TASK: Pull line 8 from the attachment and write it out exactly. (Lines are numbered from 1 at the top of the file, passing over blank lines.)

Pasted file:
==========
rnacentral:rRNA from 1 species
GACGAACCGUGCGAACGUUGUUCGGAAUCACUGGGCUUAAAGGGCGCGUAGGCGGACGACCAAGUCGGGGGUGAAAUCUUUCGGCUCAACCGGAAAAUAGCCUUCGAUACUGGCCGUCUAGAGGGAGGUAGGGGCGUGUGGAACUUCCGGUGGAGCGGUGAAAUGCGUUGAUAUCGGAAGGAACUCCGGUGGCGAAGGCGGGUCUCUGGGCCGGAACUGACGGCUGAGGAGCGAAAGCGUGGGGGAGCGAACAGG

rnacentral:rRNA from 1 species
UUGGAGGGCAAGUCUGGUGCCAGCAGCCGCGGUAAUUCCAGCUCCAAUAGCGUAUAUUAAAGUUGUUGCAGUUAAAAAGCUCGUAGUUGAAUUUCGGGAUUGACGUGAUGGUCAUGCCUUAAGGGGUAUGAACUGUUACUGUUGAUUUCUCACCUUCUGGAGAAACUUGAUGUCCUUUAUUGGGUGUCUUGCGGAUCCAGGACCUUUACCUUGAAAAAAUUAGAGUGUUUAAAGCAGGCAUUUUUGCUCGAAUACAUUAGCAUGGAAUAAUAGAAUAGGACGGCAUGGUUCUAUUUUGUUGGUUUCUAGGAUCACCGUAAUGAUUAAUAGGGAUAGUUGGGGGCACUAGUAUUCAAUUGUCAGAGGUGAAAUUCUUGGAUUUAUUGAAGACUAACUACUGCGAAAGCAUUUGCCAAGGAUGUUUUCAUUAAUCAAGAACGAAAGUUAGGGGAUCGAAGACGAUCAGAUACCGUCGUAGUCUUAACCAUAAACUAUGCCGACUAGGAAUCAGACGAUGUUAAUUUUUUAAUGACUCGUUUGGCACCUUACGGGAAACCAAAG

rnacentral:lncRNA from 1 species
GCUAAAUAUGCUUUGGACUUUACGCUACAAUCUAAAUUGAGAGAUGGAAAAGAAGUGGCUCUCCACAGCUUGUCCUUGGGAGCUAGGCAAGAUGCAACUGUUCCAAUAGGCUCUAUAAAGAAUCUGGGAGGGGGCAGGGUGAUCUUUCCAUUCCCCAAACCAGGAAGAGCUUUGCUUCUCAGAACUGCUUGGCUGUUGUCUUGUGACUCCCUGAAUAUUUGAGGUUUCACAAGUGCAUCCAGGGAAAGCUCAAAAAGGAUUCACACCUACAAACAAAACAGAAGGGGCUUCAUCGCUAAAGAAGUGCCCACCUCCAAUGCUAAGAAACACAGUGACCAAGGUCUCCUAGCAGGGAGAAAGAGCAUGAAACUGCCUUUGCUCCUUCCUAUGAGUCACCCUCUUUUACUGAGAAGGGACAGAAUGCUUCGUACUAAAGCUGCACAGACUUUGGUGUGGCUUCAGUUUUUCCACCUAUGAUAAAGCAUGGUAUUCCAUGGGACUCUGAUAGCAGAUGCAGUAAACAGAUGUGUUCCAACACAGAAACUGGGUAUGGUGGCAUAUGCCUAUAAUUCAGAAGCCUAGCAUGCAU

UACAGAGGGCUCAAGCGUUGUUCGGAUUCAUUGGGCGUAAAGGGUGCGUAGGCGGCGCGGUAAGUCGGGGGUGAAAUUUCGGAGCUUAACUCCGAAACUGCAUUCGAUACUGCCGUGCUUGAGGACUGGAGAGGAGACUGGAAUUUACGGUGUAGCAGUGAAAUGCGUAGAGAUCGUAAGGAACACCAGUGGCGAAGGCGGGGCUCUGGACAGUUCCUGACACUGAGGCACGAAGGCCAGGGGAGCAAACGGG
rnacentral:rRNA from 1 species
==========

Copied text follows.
rnacentral:rRNA from 1 species